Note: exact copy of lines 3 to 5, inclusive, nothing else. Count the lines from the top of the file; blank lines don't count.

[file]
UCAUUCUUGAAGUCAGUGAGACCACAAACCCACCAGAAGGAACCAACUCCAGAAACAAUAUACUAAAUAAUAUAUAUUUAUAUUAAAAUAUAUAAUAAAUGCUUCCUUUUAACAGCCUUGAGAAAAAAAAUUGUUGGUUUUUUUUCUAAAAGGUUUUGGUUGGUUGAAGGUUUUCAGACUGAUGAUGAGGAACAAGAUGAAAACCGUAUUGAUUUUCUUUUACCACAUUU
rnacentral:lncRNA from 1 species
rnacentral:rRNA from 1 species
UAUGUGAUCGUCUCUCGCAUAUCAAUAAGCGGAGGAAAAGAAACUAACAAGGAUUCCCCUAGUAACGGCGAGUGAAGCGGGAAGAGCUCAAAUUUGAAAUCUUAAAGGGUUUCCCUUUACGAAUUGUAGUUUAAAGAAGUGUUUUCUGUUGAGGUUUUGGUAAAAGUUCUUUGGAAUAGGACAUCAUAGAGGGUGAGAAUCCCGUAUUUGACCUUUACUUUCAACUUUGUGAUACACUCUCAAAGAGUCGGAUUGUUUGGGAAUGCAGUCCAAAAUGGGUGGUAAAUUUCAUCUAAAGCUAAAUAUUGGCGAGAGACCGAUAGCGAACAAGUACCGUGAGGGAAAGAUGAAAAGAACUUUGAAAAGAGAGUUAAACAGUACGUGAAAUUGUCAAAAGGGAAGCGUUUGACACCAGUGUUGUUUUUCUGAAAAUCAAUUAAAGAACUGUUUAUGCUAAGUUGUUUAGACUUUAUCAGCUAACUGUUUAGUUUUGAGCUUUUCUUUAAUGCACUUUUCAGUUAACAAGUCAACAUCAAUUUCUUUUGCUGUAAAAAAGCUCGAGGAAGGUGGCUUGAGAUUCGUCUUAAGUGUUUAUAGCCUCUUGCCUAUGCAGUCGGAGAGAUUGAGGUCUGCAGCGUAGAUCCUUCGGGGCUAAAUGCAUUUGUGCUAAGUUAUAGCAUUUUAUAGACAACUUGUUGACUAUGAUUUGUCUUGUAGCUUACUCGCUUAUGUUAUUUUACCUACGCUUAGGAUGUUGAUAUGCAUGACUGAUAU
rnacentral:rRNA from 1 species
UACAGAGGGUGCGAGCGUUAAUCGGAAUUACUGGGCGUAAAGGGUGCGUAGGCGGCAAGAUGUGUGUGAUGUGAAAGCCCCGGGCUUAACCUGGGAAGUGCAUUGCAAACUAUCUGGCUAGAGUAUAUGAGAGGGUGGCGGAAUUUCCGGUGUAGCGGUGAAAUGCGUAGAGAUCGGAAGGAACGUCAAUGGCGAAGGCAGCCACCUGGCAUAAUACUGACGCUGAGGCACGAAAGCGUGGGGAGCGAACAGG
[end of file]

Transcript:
rnacentral:rRNA from 1 species
UAUGUGAUCGUCUCUCGCAUAUCAAUAAGCGGAGGAAAAGAAACUAACAAGGAUUCCCCUAGUAACGGCGAGUGAAGCGGGAAGAGCUCAAAUUUGAAAUCUUAAAGGGUUUCCCUUUACGAAUUGUAGUUUAAAGAAGUGUUUUCUGUUGAGGUUUUGGUAAAAGUUCUUUGGAAUAGGACAUCAUAGAGGGUGAGAAUCCCGUAUUUGACCUUUACUUUCAACUUUGUGAUACACUCUCAAAGAGUCGGAUUGUUUGGGAAUGCAGUCCAAAAUGGGUGGUAAAUUUCAUCUAAAGCUAAAUAUUGGCGAGAGACCGAUAGCGAACAAGUACCGUGAGGGAAAGAUGAAAAGAACUUUGAAAAGAGAGUUAAACAGUACGUGAAAUUGUCAAAAGGGAAGCGUUUGACACCAGUGUUGUUUUUCUGAAAAUCAAUUAAAGAACUGUUUAUGCUAAGUUGUUUAGACUUUAUCAGCUAACUGUUUAGUUUUGAGCUUUUCUUUAAUGCACUUUUCAGUUAACAAGUCAACAUCAAUUUCUUUUGCUGUAAAAAAGCUCGAGGAAGGUGGCUUGAGAUUCGUCUUAAGUGUUUAUAGCCUCUUGCCUAUGCAGUCGGAGAGAUUGAGGUCUGCAGCGUAGAUCCUUCGGGGCUAAAUGCAUUUGUGCUAAGUUAUAGCAUUUUAUAGACAACUUGUUGACUAUGAUUUGUCUUGUAGCUUACUCGCUUAUGUUAUUUUACCUACGCUUAGGAUGUUGAUAUGCAUGACUGAUAU
rnacentral:rRNA from 1 species